With Blackout mode, developer Treyarch was able to create a premier battle royale experience that features the largest map of any Call of Duty game before and includes iconic locations from the series’ long line of games. Additionally, Black Ops 4 continues to rank high when it comes to performance, offering more consistent frame rates and better matchmaking than many of its competitors.
PlayerUnknown’s Battlegrounds (PS4, Xbox One, PC)
Before Fortnite stole its shine, there was a decent stretch of time where PUBG dominated as the most popular battle royale game, leading towards its early adoption as an esport. And although console and PC lobbies remain populated to this day, the existence of a free-to-play mobile version of PUBG has been a deciding factor in the game’s continued relevance.
That shouldn’t be considered a slight against PUBG, as it’s one of the few battle royales to use projectile ballistics in favor of hitscan, making it a much more skill-based shooter. It may still be a bit rough around the edges and have a clunky UI, however, if you’re a stickler for things like realistic bullet drop-off calculations, it might be time to try and win yourself a chicken dinner.
Mortal Kombat 11 (PS4, Xbox One, Switch, PC)
Mortal Kombat 11 is more than just an awesome fighting game, it’s arguably the best entry in the series. Toting a roster of 25+ characters, many of which have been around since the very beginning, the game sees the return of series’ staples like Fatalities and Brutalities, in addition to new Fatal/Krushing Blows which give players an opportunity to comeback during challenging bouts.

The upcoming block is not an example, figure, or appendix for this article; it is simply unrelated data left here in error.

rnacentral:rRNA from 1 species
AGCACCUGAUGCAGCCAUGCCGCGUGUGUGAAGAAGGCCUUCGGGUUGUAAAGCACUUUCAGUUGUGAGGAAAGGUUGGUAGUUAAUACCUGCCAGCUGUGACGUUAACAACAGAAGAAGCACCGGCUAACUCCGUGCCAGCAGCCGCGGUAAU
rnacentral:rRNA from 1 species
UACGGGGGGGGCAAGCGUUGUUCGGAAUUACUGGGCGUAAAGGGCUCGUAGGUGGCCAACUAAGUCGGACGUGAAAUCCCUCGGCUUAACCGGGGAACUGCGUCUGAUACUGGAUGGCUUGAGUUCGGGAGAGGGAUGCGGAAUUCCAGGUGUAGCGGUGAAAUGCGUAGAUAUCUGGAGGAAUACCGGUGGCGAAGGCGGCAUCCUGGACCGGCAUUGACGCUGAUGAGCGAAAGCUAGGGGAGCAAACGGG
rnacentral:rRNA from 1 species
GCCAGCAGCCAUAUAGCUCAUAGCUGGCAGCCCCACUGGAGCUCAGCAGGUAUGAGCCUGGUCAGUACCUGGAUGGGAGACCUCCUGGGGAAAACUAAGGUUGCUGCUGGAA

While there are a plethora of other fighters we could recommend, MK 11 remains a top-pick due to developer NetherRealm’s solid track record of supporting their games long after release. Furthermore, you’d be hard-pressed to find another competitive fighter with as satisfyingly crunchy combat as MK11.
Smash Ultimate (Switch)
Despite its reputation of being a glorified party game, Smash Ultimate has slowly been winning over skeptics as it continues to solidify its presence in the competitive gaming scene. Although a large portion of its playerbase was inherited from previous iterations, Ultimate has marked a shift in players switching over from other less-popular fighters in order to compete in a new arena.
With a roster of over 76 playable characters, the game seems to have something for every playstyle, making it one of the most diverse arena fighters of this generation. It may not offer as many complex combos as a game like MK11, however, its longstanding reputation and inclusive roster makes it worth considering getting into, despite Nintendo’s refusal to acknowledge it as an esport.